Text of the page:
A few months later than promised, Google brings maps to the world of play in an effort to promote its navigation service.
Teased back in January for a February release, the Google Maps tilting game, called Cube, launched meekly under the technology radar.
It was discovered by Fusible when checking in on the registered domain, and has since begun to spark a renewed interest in the far-reaching capabilities of Google's maps services.
The game spans eight levels which take intrigued navigators from Paris to San Francisco to Japan to the interior of Mall of America.
Players roll through each of these locales as a blue ball (signifying humanity) on a tilting cube, finding paths through traffic, shifting landscapes, and London's infamous subway system.
From A to ubiquitous
After conquering Cube, players are navigated to links offering even more insight about Google Maps.
One video shows off a real, physical prototype of the cube, complete with barber shops, Google-enabled phones, a bowling alley, and a typically plucky soundtrack.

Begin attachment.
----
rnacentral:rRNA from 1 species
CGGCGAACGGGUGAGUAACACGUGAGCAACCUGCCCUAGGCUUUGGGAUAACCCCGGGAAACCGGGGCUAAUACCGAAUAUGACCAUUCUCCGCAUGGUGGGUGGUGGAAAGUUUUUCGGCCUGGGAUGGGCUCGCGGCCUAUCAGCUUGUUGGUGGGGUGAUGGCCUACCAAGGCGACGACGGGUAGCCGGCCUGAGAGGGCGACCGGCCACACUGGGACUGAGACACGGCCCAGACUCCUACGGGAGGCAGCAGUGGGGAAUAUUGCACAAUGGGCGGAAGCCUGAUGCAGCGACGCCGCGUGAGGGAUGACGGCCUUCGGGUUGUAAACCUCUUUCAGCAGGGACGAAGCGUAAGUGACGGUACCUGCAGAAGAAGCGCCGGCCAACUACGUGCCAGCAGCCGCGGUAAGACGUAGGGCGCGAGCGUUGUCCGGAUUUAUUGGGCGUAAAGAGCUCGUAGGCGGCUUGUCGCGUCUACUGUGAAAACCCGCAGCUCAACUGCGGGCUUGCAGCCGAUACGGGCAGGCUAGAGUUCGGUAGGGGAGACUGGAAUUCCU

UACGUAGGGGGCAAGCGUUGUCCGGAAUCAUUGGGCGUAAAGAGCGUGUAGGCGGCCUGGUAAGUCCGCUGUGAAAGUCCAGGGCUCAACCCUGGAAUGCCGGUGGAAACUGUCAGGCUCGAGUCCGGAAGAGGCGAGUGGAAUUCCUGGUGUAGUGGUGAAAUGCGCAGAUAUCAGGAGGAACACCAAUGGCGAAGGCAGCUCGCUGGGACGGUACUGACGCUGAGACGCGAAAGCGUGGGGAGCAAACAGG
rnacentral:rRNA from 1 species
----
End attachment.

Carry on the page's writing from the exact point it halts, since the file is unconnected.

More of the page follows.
It's a small example of Google's recent marketing efforts pushing for consumers to adopt Google-ready phones and tablets.
Another link will take committed mappers to a collection of interactive demos for Google Maps, explaining particularly the underutilized customization tools in the service.
Saving locations, planning trips, and defining new destinations (Wikipedia approval style) are among the activities displayed here.
Consumers may not have been clamoring for deeper navigation experiences, but this recent bout of edutainment certainly cements Google's domination in the digital mapping space.
For intrepid mappers looking to seal their own place in Google Maps history, the current record play-through of Cube is 2:45.
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